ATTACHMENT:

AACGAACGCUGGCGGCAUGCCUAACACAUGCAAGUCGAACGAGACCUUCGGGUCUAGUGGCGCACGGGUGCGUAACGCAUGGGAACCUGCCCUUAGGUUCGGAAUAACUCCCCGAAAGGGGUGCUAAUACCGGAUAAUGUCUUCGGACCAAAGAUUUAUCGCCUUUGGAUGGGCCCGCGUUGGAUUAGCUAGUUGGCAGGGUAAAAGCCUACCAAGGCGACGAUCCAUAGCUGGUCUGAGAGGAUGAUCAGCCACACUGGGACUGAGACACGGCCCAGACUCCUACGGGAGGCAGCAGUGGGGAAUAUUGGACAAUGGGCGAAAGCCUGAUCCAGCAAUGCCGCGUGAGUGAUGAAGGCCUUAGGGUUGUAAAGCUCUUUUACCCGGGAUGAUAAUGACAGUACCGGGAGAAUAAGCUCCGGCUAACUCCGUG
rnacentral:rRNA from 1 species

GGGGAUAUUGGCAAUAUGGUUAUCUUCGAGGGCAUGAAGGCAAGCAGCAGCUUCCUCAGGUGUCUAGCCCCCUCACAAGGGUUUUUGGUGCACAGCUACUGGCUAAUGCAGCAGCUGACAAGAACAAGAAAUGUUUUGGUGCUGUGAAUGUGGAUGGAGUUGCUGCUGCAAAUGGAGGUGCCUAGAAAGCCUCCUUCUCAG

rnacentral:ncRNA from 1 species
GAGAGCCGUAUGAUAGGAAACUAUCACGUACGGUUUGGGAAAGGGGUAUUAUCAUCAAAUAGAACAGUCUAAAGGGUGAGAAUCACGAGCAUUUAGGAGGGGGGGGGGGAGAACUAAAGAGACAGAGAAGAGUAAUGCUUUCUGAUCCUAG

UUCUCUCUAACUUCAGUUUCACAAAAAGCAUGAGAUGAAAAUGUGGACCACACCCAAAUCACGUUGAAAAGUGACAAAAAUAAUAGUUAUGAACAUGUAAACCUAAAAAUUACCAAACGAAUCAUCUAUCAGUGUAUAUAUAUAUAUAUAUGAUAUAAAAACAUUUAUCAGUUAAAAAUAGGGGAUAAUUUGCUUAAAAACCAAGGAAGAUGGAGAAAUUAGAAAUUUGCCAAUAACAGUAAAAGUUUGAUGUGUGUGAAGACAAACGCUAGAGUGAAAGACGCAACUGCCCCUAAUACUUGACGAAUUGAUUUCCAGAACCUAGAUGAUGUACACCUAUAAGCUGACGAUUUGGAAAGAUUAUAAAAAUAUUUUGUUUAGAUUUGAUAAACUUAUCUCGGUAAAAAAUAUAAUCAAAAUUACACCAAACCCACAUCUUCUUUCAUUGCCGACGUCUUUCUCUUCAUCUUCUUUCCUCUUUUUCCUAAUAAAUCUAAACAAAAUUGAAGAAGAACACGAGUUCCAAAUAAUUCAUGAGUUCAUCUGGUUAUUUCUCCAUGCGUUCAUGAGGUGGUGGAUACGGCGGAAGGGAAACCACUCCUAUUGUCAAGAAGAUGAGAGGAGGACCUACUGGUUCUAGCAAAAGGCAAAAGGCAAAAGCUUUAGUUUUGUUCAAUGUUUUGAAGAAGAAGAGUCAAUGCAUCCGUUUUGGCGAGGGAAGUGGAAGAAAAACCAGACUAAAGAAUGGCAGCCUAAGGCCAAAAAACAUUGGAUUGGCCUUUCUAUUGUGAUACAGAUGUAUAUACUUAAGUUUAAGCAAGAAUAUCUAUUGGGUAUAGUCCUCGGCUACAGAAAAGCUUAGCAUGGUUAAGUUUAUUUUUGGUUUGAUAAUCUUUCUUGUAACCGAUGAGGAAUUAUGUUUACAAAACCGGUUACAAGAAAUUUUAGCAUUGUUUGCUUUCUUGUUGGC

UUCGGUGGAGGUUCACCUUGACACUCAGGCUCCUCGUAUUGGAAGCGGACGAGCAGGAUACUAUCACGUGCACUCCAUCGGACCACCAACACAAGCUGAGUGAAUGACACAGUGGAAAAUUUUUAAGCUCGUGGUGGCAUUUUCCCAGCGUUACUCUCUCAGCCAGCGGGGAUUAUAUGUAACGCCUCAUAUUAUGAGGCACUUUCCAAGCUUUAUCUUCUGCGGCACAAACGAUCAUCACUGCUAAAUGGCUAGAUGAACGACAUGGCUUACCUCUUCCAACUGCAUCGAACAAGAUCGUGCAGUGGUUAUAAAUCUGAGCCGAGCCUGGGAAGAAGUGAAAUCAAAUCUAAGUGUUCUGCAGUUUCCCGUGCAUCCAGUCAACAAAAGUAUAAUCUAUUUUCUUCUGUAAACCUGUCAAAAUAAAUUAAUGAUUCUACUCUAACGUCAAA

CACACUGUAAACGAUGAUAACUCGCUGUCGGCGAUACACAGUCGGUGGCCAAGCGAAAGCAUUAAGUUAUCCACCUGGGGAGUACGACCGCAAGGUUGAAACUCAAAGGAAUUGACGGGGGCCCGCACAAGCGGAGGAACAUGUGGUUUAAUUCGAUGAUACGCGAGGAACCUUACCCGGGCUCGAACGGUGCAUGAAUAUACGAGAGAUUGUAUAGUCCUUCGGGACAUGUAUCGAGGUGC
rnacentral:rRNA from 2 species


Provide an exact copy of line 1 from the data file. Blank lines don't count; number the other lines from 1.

AACGAACGCUGGCGGCAUGCCUAACACAUGCAAGUCGAACGAGACCUUCGGGUCUAGUGGCGCACGGGUGCGUAACGCAUGGGAACCUGCCCUUAGGUUCGGAAUAACUCCCCGAAAGGGGUGCUAAUACCGGAUAAUGUCUUCGGACCAAAGAUUUAUCGCCUUUGGAUGGGCCCGCGUUGGAUUAGCUAGUUGGCAGGGUAAAAGCCUACCAAGGCGACGAUCCAUAGCUGGUCUGAGAGGAUGAUCAGCCACACUGGGACUGAGACACGGCCCAGACUCCUACGGGAGGCAGCAGUGGGGAAUAUUGGACAAUGGGCGAAAGCCUGAUCCAGCAAUGCCGCGUGAGUGAUGAAGGCCUUAGGGUUGUAAAGCUCUUUUACCCGGGAUGAUAAUGACAGUACCGGGAGAAUAAGCUCCGGCUAACUCCGUG